Now that the Supreme Court has found the Affordable Care Act constitutional and the president's re-election made clear that big chunks of the law will take effect Jan. 1, 2014, the administration is finally releasing rules of the road that states and insurance companies have been clamoring for.

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Weather
10:22 am
Tue November 20, 2012

Mudslides Shut Down Amtrak And Sounder Trains

A mudslide buries the BNSF railroad tracks running alongside Puget Sound, near Everett.
Credit Gus Melonas / BNSF

People who ride the train between Everett and Seattle got a familiar taste of winter this week. Due to mudslides, Amtrak and Sound Transit canceled service on that route until at least Wednesday.

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Food
9:25 am
Tue November 20, 2012

Women, Hispanic Farmers Say Discrimination Continues In Settlement

Hispanic and women farmers have been combined in the USDA's final settlement over discrimination in farm loans. Photo courtesy of HispanicFarmerJustice.com

Originally published on Mon November 12, 2012 10:18 am

The U.S. Department of Agriculture has a long history of discriminating against farmers who are women, Hispanic, Native American and African American. Numerous lawsuits have cost the government several billion dollars. The latest legal settlement is for women and Hispanic farmers who can prove they were discriminated against in the 1980s and ‘90s. But some of these farmers say the deal to make amends for discrimination is itself discriminatory.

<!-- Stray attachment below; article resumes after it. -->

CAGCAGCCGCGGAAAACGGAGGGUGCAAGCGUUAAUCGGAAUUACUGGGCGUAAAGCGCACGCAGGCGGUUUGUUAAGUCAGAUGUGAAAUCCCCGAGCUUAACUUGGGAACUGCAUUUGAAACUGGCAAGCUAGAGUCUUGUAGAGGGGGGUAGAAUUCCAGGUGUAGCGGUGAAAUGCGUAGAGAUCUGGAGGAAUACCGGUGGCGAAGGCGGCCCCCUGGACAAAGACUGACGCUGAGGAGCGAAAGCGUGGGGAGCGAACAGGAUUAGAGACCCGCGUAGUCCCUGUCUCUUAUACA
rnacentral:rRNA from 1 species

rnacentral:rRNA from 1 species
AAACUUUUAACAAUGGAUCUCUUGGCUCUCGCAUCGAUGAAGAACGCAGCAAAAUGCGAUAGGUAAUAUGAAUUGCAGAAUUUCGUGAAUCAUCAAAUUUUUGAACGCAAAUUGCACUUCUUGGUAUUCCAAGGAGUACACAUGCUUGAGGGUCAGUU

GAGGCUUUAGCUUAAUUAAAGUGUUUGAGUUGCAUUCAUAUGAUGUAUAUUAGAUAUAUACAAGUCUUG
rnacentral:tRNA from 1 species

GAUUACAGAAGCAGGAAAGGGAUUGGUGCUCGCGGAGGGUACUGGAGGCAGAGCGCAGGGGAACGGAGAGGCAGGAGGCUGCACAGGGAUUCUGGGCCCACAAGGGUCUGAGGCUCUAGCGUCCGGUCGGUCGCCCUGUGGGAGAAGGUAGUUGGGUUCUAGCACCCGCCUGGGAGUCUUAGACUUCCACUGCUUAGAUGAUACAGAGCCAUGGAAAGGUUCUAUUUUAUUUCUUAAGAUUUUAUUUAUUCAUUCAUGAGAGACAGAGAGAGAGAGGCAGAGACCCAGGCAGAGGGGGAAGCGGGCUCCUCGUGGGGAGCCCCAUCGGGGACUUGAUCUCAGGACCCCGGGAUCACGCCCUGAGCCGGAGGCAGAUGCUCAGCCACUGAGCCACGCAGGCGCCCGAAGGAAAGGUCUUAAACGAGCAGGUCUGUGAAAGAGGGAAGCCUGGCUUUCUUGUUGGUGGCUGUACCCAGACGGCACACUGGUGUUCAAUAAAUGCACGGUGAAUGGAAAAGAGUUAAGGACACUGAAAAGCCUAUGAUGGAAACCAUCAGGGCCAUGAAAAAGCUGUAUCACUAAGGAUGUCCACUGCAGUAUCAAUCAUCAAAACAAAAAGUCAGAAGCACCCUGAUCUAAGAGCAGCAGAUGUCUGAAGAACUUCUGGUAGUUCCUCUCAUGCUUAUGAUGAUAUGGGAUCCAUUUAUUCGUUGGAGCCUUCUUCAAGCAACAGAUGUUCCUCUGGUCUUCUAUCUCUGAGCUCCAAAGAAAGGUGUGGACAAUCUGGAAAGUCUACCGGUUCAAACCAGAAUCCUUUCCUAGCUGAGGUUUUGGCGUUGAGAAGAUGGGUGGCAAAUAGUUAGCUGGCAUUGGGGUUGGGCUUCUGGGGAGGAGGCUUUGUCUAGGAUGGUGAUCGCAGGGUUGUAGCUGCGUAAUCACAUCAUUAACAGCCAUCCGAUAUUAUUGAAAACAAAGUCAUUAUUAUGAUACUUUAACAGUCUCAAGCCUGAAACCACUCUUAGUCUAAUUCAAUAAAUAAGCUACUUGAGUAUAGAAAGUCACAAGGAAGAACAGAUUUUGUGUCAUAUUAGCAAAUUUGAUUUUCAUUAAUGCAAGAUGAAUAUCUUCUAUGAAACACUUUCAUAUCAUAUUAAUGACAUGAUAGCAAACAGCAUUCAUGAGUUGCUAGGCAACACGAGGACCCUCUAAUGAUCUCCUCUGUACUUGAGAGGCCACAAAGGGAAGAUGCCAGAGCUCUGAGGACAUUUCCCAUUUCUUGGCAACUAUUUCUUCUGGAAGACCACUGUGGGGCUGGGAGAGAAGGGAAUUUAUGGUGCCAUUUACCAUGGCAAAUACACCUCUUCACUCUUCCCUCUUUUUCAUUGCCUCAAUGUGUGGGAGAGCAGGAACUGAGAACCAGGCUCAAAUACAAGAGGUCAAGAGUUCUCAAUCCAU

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Environment
9:14 am
Tue November 20, 2012

Heavy Rain Sets Off Landslides Around Region

Flood waters buried E. Main Street and Brown Park in Gaston, Oregon Monday. Photo by Randy Hoodenpyl

Originally published on Mon November 19, 2012 4:11 pm

OLYMPIA, Wash. - Heavy rains and high winds are making it hard to get around parts of western Washington and northwest Oregon this afternoon. Flood watches and warnings are in effect across a wide area of the Northwest. At least half a dozen mudslides have blocked highways and rail lines since this morning .

The freight train of storms pummeling the Northwest has saturated soils. Some places are not getting enough time between downpours for the water to drain off. Oregon's Department of Geology put all of western Oregon on notice for increased potential of landslides.